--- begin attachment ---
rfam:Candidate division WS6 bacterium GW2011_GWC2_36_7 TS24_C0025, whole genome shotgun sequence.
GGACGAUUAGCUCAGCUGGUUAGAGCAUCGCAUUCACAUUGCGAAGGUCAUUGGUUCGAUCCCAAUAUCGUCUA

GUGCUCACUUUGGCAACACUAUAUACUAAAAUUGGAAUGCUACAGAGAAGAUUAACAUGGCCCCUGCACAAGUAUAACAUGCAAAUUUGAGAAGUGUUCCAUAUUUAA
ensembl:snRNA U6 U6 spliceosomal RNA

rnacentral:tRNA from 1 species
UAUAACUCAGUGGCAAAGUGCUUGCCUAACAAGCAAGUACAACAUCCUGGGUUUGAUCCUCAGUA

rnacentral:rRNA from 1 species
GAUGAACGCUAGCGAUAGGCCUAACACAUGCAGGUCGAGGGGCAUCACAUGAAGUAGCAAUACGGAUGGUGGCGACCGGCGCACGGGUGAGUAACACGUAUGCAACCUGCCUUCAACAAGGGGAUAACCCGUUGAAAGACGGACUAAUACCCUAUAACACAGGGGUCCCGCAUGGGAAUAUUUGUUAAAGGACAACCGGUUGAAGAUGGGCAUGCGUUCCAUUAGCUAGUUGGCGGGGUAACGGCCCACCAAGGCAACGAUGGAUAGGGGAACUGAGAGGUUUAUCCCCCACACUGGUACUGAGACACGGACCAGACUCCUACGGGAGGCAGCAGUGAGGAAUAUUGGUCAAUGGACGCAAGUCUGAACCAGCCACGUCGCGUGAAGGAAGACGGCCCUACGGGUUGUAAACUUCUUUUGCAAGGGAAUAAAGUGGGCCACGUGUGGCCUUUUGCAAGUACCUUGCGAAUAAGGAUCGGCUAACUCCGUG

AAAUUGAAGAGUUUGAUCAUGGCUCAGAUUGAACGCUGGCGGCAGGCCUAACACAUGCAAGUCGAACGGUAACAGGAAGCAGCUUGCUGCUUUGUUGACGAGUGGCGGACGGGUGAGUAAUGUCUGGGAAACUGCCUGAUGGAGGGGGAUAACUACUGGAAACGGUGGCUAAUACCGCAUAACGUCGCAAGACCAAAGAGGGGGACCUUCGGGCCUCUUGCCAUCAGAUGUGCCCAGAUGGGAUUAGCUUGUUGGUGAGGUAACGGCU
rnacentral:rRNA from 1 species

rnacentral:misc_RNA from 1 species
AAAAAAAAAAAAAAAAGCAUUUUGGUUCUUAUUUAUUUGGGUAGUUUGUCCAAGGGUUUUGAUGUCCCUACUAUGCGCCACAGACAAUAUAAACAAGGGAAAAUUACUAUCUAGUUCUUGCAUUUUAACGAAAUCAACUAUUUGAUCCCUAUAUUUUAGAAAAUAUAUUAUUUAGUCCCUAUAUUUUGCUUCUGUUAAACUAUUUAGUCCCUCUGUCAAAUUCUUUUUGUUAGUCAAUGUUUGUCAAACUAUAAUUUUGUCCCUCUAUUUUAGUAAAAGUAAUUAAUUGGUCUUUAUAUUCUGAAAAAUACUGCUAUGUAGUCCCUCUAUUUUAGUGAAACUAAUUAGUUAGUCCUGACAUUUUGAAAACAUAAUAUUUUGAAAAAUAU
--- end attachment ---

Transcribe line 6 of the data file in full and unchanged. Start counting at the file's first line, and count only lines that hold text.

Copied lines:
UAUAACUCAGUGGCAAAGUGCUUGCCUAACAAGCAAGUACAACAUCCUGGGUUUGAUCCUCAGUA